Tamil cinema: Sighting the elephant in the room!
  So Tamil cinema has successfully come out of the closet by portraying two gay men as regular couple without making a mockery of alternate sexuality; are we finally sensitized to such social issues? Sensitization is one thing, the fact that we have been closeted to the whole idea of homosexuality, while still ignorant to the strong undercurrent of such themes existing since time unknown in our movies, is astoundingly real.

As a nation, our sensibilities on male bonding creep to the level of same-sex attraction shattering the fine balance existing between male – male straight friendship and homosexuality. And Tamil movies have, from time unknown, been unintentionally portraying such friendships – often weird but they existed since people who watched it would have had no clue about the whole deal altogether.

As a Gen-X or Gen-Y civilian you might now find it odd to see two men / women holding hands together, walking down the streets, leaning onto each other’s shoulders in public or hugging each other from behind. For you will find it gay. But wait, you have watched it all the same in our movies forever: a
bare-chest friend resting on the chest of another bare-chest friend while sharing a smoke and lip-synching to the lyrics of ‘Mustafa Mustafa’ about the greatness of friendship or Sivaji and Balaji holding hands and singing to the tunes of ‘Naan Paartha Pennai’ about their respective loves.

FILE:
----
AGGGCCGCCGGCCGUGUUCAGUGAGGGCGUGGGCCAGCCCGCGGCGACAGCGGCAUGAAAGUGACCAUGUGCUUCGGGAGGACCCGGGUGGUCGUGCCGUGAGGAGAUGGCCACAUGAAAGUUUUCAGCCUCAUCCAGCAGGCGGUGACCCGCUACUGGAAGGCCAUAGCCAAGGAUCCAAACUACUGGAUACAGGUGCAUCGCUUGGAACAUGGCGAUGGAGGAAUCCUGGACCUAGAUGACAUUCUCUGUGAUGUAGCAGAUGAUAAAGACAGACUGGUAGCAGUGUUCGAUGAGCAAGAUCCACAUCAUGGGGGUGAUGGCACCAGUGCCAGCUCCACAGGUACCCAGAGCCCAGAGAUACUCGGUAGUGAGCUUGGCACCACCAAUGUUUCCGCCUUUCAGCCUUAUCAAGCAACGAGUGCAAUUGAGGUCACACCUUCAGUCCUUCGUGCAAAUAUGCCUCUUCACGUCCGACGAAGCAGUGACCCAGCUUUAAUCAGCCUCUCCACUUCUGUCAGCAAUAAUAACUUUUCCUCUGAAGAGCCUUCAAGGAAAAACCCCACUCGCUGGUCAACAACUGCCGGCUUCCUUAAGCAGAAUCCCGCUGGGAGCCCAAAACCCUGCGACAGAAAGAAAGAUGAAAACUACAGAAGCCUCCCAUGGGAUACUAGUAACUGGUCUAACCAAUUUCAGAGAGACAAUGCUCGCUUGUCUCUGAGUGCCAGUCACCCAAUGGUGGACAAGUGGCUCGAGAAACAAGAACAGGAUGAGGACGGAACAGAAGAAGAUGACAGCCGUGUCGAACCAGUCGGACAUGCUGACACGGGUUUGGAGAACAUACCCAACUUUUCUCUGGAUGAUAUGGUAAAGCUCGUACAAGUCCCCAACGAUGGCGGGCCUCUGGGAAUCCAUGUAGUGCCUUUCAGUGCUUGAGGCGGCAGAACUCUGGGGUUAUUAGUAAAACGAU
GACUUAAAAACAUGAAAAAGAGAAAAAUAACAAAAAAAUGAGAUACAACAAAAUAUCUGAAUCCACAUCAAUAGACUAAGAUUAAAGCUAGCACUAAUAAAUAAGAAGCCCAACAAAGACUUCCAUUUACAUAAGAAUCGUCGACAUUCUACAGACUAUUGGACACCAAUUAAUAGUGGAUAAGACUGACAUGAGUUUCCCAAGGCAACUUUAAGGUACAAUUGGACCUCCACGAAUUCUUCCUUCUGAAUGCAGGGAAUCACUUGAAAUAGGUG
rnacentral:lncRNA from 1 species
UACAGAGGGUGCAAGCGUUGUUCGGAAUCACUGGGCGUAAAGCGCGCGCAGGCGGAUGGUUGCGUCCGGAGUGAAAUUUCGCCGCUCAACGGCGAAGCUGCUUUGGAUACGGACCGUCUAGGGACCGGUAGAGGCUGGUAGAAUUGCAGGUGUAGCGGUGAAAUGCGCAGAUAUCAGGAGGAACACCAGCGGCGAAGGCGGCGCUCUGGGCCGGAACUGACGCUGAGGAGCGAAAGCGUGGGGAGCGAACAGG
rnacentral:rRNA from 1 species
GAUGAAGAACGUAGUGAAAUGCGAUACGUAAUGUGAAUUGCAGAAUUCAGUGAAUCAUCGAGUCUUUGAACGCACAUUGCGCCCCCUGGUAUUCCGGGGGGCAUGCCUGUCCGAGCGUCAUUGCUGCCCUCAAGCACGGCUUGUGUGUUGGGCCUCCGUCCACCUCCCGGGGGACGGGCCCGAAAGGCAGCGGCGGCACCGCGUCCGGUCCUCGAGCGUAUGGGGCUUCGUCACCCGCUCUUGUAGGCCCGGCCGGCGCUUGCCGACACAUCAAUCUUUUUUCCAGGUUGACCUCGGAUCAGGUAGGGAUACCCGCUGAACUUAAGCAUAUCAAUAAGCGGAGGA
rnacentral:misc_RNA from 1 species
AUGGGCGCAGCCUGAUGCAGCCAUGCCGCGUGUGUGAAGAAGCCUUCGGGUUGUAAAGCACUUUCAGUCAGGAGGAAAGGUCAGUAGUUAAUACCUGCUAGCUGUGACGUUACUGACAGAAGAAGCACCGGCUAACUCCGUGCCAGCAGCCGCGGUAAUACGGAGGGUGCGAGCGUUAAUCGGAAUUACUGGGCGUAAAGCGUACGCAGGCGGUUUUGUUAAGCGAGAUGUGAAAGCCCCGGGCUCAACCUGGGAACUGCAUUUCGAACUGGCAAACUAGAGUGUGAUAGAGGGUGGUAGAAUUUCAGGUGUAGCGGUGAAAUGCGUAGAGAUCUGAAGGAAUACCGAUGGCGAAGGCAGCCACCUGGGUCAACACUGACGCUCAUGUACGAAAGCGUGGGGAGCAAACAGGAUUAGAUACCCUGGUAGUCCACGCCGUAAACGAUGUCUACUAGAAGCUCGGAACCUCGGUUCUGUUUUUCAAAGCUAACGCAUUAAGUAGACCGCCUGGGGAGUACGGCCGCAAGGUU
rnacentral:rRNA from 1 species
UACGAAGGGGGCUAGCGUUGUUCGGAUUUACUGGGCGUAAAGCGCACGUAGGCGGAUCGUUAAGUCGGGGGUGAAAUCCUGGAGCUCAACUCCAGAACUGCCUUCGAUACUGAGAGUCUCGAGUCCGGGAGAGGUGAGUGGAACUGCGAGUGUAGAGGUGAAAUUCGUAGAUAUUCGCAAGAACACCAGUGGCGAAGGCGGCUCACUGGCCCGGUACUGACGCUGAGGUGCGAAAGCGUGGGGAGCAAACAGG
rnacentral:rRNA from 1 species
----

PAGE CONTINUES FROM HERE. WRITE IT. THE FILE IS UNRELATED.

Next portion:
As my friend and reader Sharmila points out, the love between two male friends sometimes supersedes the love they have for their women. As is demonstrated in the case of Moondru Mudichu where Kamal and Rajini’s friendship surpass the love they share for their women. There is an undeniable, and strong nevertheless, undercurrent of such instance when Rajini goes ballistic about Kamal seeing the gal he has his eyes on. But the issue is not that: Kamal refuses to believe Sridevi because he apparently hero-worships Rajini. The strong emotional bond shared between the lead men often crosses all the written rules of friendship between two straight men in the ‘Tamil cinema’ context.

And not to mention, the lyrics ‘Natpai Kooda Karpai Pola Ennuven’ goes on to demonstrate that the hero (and we all know, it’s the lyricist) equates friendship with chastity. It’s a case of stretching things too far but it existed all the same in our movies of heroes we idolize(d). Vettaiyadu Vilayadu had strong homosexual references but it’s a different case altogether; portraying two homosexuals as criminals who have sex with women is misleading.

Such instances are aplenty not only in Tamil movies but in Bollywood as well.

So why are we celebrating Goa as a coming of age movie? Because Venkat Prabhu dared. Dared enough to poke at our sensibilities to wake us up from the self-imposed homophobia. Unintentionally, he has also opened up new avenues for discussions about alternate sexuality openly, and not to mention millions of opinions. For instance, my colleague found it god-awful and disturbing to see two men hugging each other and running an all-men household family together. “What will happen to our values,” he said.

PS: (For hate mailers: the movies referred to here are only indicative and taken as examples from a cross-section of Tamil movies)

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